Similarly, it would be helpful to hear what further support Ministers are providing for investment in mental health services to which schools can have access. Various charities have highlighted the increased feelings of isolation and loneliness during lockdown for many young people. Again, the Children’s Commissioner has articulated the greater threats of domestic abuse, online grooming and other threats that children faced during lockdown, few of which would have been picked up by teachers during that period, and for which children now require support.

The final thing I want to mention in terms of the financial implications that covid has for schools is child poverty. Research by the Institute for Public Policy Research suggests that covid threatens to push up to another 200,000 more children into poverty by the end of the year. That is on top of the 4.2 million children trapped in poverty already. As unions such as the National Education Union have highlighted, child poverty is already putting pressure on school budgets, with schools funding extra breakfast and holiday clubs, providing and washing children’s clothing, and supplying children with essential equipment that they need to learn.

I acknowledge the Government’s investment in digital equipment and the expansion of free school meals to cover school holidays at Easter and over the summer period but, given the expected rise in unemployment and the associated rise in child poverty that I fear is inevitable, it would be helpful if Ministers would confirm whether similar free school meal provision can be made this half term, and in the holidays at Christmas and next year, particularly while the covid pandemic is still having an impact.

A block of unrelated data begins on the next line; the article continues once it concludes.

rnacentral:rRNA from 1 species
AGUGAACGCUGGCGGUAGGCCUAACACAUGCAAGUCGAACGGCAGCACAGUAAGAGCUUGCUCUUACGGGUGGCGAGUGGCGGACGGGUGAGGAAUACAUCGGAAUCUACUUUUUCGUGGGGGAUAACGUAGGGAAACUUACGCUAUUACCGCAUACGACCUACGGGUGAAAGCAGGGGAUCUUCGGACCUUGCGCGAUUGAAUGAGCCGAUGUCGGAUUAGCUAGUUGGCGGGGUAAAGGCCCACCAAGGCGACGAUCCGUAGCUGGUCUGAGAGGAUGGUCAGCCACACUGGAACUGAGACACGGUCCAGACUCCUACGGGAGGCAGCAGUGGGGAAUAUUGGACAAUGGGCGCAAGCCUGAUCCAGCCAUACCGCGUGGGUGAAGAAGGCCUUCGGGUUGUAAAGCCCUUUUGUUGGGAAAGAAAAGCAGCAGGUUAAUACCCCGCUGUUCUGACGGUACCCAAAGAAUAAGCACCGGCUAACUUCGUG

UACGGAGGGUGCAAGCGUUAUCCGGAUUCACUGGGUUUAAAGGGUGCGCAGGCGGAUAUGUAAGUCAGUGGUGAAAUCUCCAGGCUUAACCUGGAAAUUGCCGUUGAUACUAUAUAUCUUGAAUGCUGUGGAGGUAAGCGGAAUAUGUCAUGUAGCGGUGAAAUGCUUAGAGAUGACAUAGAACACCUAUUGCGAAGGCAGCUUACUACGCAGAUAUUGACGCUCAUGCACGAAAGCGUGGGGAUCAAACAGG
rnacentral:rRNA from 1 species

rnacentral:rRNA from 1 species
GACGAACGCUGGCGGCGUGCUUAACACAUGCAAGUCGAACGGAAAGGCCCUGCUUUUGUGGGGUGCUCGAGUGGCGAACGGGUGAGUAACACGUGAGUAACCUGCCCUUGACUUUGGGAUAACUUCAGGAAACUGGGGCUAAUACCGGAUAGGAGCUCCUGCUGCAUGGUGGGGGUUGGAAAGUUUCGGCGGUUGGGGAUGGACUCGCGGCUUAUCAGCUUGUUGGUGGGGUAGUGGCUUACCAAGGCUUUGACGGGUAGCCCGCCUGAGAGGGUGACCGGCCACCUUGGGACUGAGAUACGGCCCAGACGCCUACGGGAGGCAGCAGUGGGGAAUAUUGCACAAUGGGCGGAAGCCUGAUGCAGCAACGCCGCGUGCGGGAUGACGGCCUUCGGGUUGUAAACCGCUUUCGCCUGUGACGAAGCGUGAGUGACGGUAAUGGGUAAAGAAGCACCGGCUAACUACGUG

What further investment will Ministers make to tackle the digital poverty that is likely to hold young people back if they still do not have access to laptops, tablets or other such equipment? Will Ministers consider providing free household internet access to children and young people in households on universal credit?

I am grateful for helpful briefings from the National Association of Head Teachers, NASUWT, the Local Government Association, the National Education Union and, of course, schools in my constituency, and my local authority. Schools face a difficult financial challenge in the coming months, and none more than those in my borough. Ministers need to extend funding to cover covid costs and to recognise that sustained investment is needed in areas of deprivation and special needs. Further investment will be required in mental health services, and rising child poverty will have a further significant impact on schools and their finances.